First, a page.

|John Bartlett (18201905). Familiar Quotations, 10th ed. 1919.|
|John Dryden. (16311700) (continued)|
| When beauty fires the blood, how love exalts the mind!|
| Cymon and Iphigenia. Line 41.|
| He trudgd along unknowing what he sought,|
And whistled as he went, for want of thought.
| Cymon and Iphigenia. Line 84.|
| The fool of nature stood with stupid eyes|
And gaping mouth, that testified surprise.
| Cymon and Iphigenia. Line 107.|
| Love taught him shame; and shame, with love at strife,|
Soon taught the sweet civilities of life.
| Cymon and Iphigenia. Line 133.|
| She huggd the offender, and forgave the offence:|
Sex to the last. 1
| Cymon and Iphigenia. Line 367.|
| And raw in fields the rude militia swarms,|
Mouths without hands; maintaind at vast expense,
In peace a charge, in war a weak defence;
Stout once a month they march, a blustering band,
And ever but in times of need at hand.
| Cymon and Iphigenia. Line 400.|
| Of seeming arms to make a short essay,|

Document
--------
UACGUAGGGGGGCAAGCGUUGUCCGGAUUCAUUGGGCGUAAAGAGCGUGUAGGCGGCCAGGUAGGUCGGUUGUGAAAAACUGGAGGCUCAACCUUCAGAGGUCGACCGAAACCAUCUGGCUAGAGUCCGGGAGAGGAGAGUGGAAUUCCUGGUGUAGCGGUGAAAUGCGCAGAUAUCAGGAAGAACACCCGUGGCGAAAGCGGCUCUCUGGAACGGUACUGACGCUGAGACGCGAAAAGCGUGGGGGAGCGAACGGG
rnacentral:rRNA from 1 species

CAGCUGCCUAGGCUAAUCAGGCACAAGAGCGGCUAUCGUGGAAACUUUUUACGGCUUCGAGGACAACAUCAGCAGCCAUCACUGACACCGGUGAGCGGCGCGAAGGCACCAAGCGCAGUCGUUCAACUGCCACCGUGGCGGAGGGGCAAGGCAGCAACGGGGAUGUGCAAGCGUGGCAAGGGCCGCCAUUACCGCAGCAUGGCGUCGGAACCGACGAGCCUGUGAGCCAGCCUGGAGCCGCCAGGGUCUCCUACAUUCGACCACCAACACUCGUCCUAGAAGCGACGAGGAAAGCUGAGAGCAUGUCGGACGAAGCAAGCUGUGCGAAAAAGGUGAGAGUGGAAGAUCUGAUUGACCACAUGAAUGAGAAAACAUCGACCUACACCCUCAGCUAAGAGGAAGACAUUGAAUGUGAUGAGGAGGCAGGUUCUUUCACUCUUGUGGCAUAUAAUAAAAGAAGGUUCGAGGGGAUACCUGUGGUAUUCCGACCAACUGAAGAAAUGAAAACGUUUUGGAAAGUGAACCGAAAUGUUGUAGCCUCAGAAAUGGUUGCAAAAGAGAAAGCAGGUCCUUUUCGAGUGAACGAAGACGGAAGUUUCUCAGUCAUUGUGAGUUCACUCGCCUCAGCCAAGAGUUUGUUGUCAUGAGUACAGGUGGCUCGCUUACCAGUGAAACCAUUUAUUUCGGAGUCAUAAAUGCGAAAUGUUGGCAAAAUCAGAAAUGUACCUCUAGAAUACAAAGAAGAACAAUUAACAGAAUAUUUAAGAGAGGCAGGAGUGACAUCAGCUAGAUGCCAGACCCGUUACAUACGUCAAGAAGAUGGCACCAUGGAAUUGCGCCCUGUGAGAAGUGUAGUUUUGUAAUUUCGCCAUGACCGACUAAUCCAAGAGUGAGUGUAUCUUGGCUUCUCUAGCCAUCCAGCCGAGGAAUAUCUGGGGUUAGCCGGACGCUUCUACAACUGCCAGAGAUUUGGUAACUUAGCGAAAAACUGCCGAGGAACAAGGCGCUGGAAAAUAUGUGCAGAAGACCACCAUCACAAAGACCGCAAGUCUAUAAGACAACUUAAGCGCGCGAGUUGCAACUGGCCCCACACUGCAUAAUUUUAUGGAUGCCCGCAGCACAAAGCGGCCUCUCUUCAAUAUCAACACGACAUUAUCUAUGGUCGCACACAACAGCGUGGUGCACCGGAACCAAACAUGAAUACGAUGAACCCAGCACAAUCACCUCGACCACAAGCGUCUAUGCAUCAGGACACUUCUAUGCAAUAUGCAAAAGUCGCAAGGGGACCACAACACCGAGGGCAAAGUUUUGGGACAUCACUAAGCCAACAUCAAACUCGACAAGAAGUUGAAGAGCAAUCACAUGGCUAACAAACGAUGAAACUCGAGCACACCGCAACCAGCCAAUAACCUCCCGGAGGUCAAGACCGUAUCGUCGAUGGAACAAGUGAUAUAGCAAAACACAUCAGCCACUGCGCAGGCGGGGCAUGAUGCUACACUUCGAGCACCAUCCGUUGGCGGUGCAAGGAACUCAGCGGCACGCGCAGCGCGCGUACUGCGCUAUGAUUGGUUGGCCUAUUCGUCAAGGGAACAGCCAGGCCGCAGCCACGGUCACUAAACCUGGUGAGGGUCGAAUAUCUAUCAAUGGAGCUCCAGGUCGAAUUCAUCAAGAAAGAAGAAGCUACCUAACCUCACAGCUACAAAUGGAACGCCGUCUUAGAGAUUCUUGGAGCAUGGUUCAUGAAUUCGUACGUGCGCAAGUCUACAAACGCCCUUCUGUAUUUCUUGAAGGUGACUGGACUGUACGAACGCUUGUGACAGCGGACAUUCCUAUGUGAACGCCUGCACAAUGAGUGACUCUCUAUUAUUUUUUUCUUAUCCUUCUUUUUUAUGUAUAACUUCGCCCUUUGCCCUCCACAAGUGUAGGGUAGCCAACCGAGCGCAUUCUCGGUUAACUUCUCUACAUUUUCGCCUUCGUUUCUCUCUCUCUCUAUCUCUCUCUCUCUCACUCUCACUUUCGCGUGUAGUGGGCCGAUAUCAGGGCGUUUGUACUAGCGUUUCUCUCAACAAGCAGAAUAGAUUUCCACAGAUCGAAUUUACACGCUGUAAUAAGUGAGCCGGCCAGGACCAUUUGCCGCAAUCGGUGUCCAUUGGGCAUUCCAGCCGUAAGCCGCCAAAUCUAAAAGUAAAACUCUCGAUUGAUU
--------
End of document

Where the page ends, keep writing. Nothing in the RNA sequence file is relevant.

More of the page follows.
Then hasten to be drunk,the business of the day.
| Cymon and Iphigenia. Line 407.|
| Happy who in his verse can gently steer|
From grave to light, from pleasant to severe. 2
| The Art of Poetry. Canto i. Line 75.|
| Happy the man, and happy he alone,|
He who can call to-day his own;
He who, secure within, can say,
To-morrow, do thy worst, for I have livd to-day. 3
| Imitation of Horace. Book iii. Ode 29, Line 65.|
And love the offender, yet detest the offence.Alexander Pope: Eloisa to Abelard, line 192. [back]
Heureux qui, dans ses vers, sait dune voix légère,
Passer du grave au doux, du plaisant au sévère.
Nicholas Boileau-Despreaux: LArt Poétique, chant 1er.
Formed by thy converse, happily to steer
From grave to gay, from lively to severe.
Alexander Pope: Essay on Man, epistle iv. line 379. [back]
Serenely full, the epicure would say,
Fate cannot harm me; I have dined to-day.
Sydney Smith: Recipe for Salad. [back]